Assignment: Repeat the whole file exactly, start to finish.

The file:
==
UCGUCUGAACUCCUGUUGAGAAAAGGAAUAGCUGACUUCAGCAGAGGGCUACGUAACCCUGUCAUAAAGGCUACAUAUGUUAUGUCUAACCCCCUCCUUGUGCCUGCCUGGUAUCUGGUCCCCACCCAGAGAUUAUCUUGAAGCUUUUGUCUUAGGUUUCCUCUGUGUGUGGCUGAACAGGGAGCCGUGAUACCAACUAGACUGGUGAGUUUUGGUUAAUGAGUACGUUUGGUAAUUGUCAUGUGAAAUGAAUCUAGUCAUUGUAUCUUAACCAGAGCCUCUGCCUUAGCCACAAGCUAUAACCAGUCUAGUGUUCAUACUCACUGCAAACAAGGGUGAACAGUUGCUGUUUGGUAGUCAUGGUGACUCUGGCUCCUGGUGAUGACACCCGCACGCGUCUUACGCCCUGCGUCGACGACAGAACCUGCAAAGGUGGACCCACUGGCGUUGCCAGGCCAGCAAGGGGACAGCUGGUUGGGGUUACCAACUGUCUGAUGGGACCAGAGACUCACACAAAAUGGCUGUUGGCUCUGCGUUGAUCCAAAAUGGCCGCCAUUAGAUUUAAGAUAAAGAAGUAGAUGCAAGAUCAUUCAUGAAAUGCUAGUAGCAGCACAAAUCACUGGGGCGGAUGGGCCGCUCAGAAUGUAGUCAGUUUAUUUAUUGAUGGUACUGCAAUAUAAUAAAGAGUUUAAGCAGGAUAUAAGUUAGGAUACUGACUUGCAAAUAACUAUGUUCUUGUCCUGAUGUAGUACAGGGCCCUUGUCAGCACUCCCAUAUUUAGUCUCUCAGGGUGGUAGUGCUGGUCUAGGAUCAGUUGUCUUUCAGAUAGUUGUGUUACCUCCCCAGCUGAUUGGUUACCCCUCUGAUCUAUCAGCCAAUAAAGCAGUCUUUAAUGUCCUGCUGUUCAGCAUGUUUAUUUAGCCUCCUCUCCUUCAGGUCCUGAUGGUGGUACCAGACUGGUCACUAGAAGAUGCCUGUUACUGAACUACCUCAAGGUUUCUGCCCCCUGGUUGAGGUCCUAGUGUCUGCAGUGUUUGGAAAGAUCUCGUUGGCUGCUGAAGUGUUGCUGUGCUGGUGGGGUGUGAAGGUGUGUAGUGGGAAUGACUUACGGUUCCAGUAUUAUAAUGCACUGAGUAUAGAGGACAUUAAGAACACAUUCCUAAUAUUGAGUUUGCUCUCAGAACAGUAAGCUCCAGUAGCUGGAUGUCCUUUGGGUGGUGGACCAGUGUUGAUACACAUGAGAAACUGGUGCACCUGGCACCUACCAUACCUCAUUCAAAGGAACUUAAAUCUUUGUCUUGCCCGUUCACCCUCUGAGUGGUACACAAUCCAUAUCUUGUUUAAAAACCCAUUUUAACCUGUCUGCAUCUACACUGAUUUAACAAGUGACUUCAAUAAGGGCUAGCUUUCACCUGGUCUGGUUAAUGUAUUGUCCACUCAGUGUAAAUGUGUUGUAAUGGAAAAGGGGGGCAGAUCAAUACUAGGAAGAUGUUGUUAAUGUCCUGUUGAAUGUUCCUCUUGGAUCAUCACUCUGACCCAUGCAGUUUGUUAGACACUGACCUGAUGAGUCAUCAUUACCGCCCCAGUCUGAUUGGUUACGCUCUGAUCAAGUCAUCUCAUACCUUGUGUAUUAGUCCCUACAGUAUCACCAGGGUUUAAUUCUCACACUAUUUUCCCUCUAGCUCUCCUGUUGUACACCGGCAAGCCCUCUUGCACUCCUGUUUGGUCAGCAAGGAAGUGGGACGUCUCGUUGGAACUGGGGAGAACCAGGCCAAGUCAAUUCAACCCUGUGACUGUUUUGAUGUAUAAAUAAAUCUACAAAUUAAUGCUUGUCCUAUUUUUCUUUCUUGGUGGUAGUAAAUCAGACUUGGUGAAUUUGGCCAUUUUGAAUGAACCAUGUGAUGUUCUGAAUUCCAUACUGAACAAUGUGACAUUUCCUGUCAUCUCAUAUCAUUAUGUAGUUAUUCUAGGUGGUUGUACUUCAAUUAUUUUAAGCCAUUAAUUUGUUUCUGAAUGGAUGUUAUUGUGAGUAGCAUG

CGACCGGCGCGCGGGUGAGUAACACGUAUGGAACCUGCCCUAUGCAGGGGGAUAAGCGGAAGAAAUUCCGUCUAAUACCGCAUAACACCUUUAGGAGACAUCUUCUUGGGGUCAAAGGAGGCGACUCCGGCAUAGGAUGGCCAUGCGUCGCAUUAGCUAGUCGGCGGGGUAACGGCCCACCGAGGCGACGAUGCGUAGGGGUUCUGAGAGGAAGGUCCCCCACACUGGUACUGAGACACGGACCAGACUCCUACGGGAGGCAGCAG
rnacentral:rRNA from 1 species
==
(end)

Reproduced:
UCGUCUGAACUCCUGUUGAGAAAAGGAAUAGCUGACUUCAGCAGAGGGCUACGUAACCCUGUCAUAAAGGCUACAUAUGUUAUGUCUAACCCCCUCCUUGUGCCUGCCUGGUAUCUGGUCCCCACCCAGAGAUUAUCUUGAAGCUUUUGUCUUAGGUUUCCUCUGUGUGUGGCUGAACAGGGAGCCGUGAUACCAACUAGACUGGUGAGUUUUGGUUAAUGAGUACGUUUGGUAAUUGUCAUGUGAAAUGAAUCUAGUCAUUGUAUCUUAACCAGAGCCUCUGCCUUAGCCACAAGCUAUAACCAGUCUAGUGUUCAUACUCACUGCAAACAAGGGUGAACAGUUGCUGUUUGGUAGUCAUGGUGACUCUGGCUCCUGGUGAUGACACCCGCACGCGUCUUACGCCCUGCGUCGACGACAGAACCUGCAAAGGUGGACCCACUGGCGUUGCCAGGCCAGCAAGGGGACAGCUGGUUGGGGUUACCAACUGUCUGAUGGGACCAGAGACUCACACAAAAUGGCUGUUGGCUCUGCGUUGAUCCAAAAUGGCCGCCAUUAGAUUUAAGAUAAAGAAGUAGAUGCAAGAUCAUUCAUGAAAUGCUAGUAGCAGCACAAAUCACUGGGGCGGAUGGGCCGCUCAGAAUGUAGUCAGUUUAUUUAUUGAUGGUACUGCAAUAUAAUAAAGAGUUUAAGCAGGAUAUAAGUUAGGAUACUGACUUGCAAAUAACUAUGUUCUUGUCCUGAUGUAGUACAGGGCCCUUGUCAGCACUCCCAUAUUUAGUCUCUCAGGGUGGUAGUGCUGGUCUAGGAUCAGUUGUCUUUCAGAUAGUUGUGUUACCUCCCCAGCUGAUUGGUUACCCCUCUGAUCUAUCAGCCAAUAAAGCAGUCUUUAAUGUCCUGCUGUUCAGCAUGUUUAUUUAGCCUCCUCUCCUUCAGGUCCUGAUGGUGGUACCAGACUGGUCACUAGAAGAUGCCUGUUACUGAACUACCUCAAGGUUUCUGCCCCCUGGUUGAGGUCCUAGUGUCUGCAGUGUUUGGAAAGAUCUCGUUGGCUGCUGAAGUGUUGCUGUGCUGGUGGGGUGUGAAGGUGUGUAGUGGGAAUGACUUACGGUUCCAGUAUUAUAAUGCACUGAGUAUAGAGGACAUUAAGAACACAUUCCUAAUAUUGAGUUUGCUCUCAGAACAGUAAGCUCCAGUAGCUGGAUGUCCUUUGGGUGGUGGACCAGUGUUGAUACACAUGAGAAACUGGUGCACCUGGCACCUACCAUACCUCAUUCAAAGGAACUUAAAUCUUUGUCUUGCCCGUUCACCCUCUGAGUGGUACACAAUCCAUAUCUUGUUUAAAAACCCAUUUUAACCUGUCUGCAUCUACACUGAUUUAACAAGUGACUUCAAUAAGGGCUAGCUUUCACCUGGUCUGGUUAAUGUAUUGUCCACUCAGUGUAAAUGUGUUGUAAUGGAAAAGGGGGGCAGAUCAAUACUAGGAAGAUGUUGUUAAUGUCCUGUUGAAUGUUCCUCUUGGAUCAUCACUCUGACCCAUGCAGUUUGUUAGACACUGACCUGAUGAGUCAUCAUUACCGCCCCAGUCUGAUUGGUUACGCUCUGAUCAAGUCAUCUCAUACCUUGUGUAUUAGUCCCUACAGUAUCACCAGGGUUUAAUUCUCACACUAUUUUCCCUCUAGCUCUCCUGUUGUACACCGGCAAGCCCUCUUGCACUCCUGUUUGGUCAGCAAGGAAGUGGGACGUCUCGUUGGAACUGGGGAGAACCAGGCCAAGUCAAUUCAACCCUGUGACUGUUUUGAUGUAUAAAUAAAUCUACAAAUUAAUGCUUGUCCUAUUUUUCUUUCUUGGUGGUAGUAAAUCAGACUUGGUGAAUUUGGCCAUUUUGAAUGAACCAUGUGAUGUUCUGAAUUCCAUACUGAACAAUGUGACAUUUCCUGUCAUCUCAUAUCAUUAUGUAGUUAUUCUAGGUGGUUGUACUUCAAUUAUUUUAAGCCAUUAAUUUGUUUCUGAAUGGAUGUUAUUGUGAGUAGCAUG

CGACCGGCGCGCGGGUGAGUAACACGUAUGGAACCUGCCCUAUGCAGGGGGAUAAGCGGAAGAAAUUCCGUCUAAUACCGCAUAACACCUUUAGGAGACAUCUUCUUGGGGUCAAAGGAGGCGACUCCGGCAUAGGAUGGCCAUGCGUCGCAUUAGCUAGUCGGCGGGGUAACGGCCCACCGAGGCGACGAUGCGUAGGGGUUCUGAGAGGAAGGUCCCCCACACUGGUACUGAGACACGGACCAGACUCCUACGGGAGGCAGCAG
rnacentral:rRNA from 1 species